Does Zofran cause birth defects? Several studies have found birth defects to be among the possible ondansetron side effects when taken by pregnant women. Zofran, the brand name of ondansetron, is a strong anti-nausea drug. It has been routinely prescribed for pregnant women experiencing morning sickness, although its FDA approval did not include use by expectant mothers. The drug has been linked to a drastic increase in the risk for congenital heart defects and cleft palate.
Listed as a Category B medication for pregnant patients, Zofran does not have indications of toxicity in animal studies. However, it has not yet been proven safe for use during pregnancy. Studies show ondansetron crosses the human placenta, and as a result, may affect developing fetuses. As such, the babies of women who took Zofran during pregnancy may suffer from ondansetron side effects, such as malformation and other birth defects.
A cleft palate is a hole in the roof of a baby’s mouth that occurs when the tissues that make up the upper part of the roof of the mouth fail to join completely. It can cause hearing, feeding, and speech problems as well as ear infections. Surgery is often needed to correct the problem.
One medical study linked Zofran use during the first trimester to a 237% increased risk for cleft palate defects.
These defects can be fatal to newborns or may escape detection for years. Examples include atrioventricular septal defect (defect in which holes exist between the heart’s chambers) and pulmonary valve stenosis (narrowing of the valve that pumps blood to the lungs).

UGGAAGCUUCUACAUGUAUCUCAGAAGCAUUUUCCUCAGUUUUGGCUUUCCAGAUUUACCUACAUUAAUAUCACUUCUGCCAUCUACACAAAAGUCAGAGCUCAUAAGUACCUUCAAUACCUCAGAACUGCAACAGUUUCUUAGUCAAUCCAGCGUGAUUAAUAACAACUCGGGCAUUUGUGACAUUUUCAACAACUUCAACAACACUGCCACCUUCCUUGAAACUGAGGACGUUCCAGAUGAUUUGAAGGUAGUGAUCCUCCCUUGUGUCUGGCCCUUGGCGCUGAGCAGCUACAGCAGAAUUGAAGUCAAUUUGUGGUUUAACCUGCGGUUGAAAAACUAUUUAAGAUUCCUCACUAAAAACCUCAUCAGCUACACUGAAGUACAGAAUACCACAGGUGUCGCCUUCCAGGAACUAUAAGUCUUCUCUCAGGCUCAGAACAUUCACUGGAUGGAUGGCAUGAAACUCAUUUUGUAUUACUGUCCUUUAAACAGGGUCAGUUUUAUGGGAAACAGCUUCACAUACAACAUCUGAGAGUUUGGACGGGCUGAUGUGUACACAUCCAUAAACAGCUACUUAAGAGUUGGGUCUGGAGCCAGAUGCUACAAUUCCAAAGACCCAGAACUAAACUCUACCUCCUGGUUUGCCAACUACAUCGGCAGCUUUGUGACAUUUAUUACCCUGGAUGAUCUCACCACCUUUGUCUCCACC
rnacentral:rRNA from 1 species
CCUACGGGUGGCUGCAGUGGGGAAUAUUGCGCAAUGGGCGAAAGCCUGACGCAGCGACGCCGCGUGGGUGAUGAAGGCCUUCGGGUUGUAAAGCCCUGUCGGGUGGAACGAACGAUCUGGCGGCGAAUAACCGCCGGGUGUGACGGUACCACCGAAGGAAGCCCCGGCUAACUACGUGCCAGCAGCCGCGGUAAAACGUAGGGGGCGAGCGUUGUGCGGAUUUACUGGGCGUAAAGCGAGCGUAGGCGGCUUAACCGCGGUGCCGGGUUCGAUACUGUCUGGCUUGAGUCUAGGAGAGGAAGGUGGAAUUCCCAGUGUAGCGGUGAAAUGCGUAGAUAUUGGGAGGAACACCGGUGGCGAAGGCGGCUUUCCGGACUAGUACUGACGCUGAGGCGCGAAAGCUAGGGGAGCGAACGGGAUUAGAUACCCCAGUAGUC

Two studies revealed that babies whose mothers used Zofran were 1.6 times more likely to develop a congenital heart defect. Newborns faced 4.8 times higher risk of atrioventricular septal defects and approximately two times higher risk of ventricular or atrial septal defect if their mothers took Zofran while pregnant.
There are more than 400 Zofran-related lawsuits filed against GlaxoSmithKline (GSK), the company that originally marketed the use of the drug for morning sickness. The lawsuits allege that GSK breached its duty to warn patients and doctors about Zofran’s dangers and promoted its off-label usage to expectant mothers, who were at the highest risk of the drug’s side effects.
Zofran has hurt many people across the United States. Victims who have suffered from its side effects have been pursuing compensation for:
For children born with congenital heart defects or a cleft palate and their mothers took Zofran during pregnancy in Chicago, a birth injury attorney can help with seeking compensation for the defects.